Mark your calendar book lovers: Award-winning author James Dashner is coming to The Rivers School in Weston, sponsored by Wellesley Books. The best-selling author of the Maze Runner series will be there to share The Game of Lives, the final book of his new cyber-adventure trilogy in The Mortality Doctrine series.
I recently spoke to Dashner who, when he isn’t spending all his time on The New York Times children’s series best seller list (Maze Runner has been camped out there for over 160 weeks), lives in Utah with his wife and two sons. Dashner may be a life-long self-described geek who is in awe of Stephen King and who loves the TV series The Walking Dead. And true, my literary tastes bend more toward Geraldine Brooks, and I do rather prefer Downton Abbey on my telly. Still, somehow the geeky author and this Swellesley Report blogger had no trouble forging a meeting of the minds as we chatted about his latest book and his work in general.
Dashner is officially on tour to promote Game of Lives, out on Tuesday, Nov. 17. Inspired by the 1999 science fiction action film The Matrix as well as the heist thriller Inception, he says the book “deals with psychological issues as well as the concept of a dream within a dream within a dream” through a very plot-driven literary experience. In true Dashner style, his characters are as psychologically complex as his story line, with plenty of good, bad, loyalty, evil, steadfastness, and treachery mixed up in all of them, just to keep it all real. The plot revolves around Michael, gamer and hacker extraodinaire, whom the government wants to tap for a special project. If Michael agrees, he’d better choose his friends and helpers carefully because if they don’t all come through in a big way, it looks like nothing less than worldwide cyber domination will be the outcome. Those are some important ifs, so look out, Michael, your writer hasn’t exactly made this easy for you. Can’t say if this one will be optioned for film, but it wouldn’t surprise anyone if that came to be.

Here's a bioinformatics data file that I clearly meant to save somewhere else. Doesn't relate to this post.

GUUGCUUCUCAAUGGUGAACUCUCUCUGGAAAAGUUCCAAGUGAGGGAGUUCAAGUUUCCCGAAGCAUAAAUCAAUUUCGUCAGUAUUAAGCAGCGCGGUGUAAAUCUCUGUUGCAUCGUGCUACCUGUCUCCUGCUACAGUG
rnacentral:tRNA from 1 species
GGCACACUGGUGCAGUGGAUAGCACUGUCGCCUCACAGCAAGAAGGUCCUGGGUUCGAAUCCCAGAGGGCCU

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Dashner has always loved popular culture, with a special place in his heart for Star Wars, and indeed, his tickets are already in hand for the The Force Awakens, out Dec. 18. He was a Storm Trooper for Halloween, while one of his four kids was Kylo Ren, and the another was a Jedi. He’s that kind of guy, and it obviously works for him. The Stephen King fan has of course read King’s latest book, Bazaar of Bad Dreams, a collection of short stories. Although he’s never met the master, he has heard through reliable sources that “Stephen King’s grandkids have read my books,” so there’s that. Breaking news here, he’s also seen every episode of The Walking Dead.
Dashner says that growing up, he was always writing stories and reading voraciously. Writing was certainly in his heart, but reality, if not his dreams, called him over to the practical side. “I always wanted to be a writer, but I studied accounting, of all things” while at Brigham Young University. It was his backup plan, and indeed, accounting had his back for seven years until finally, he crunched the numbers and realized that could go over to the creative side and become a full-time writer. Doesn’t miss accounting a bit. Go figure.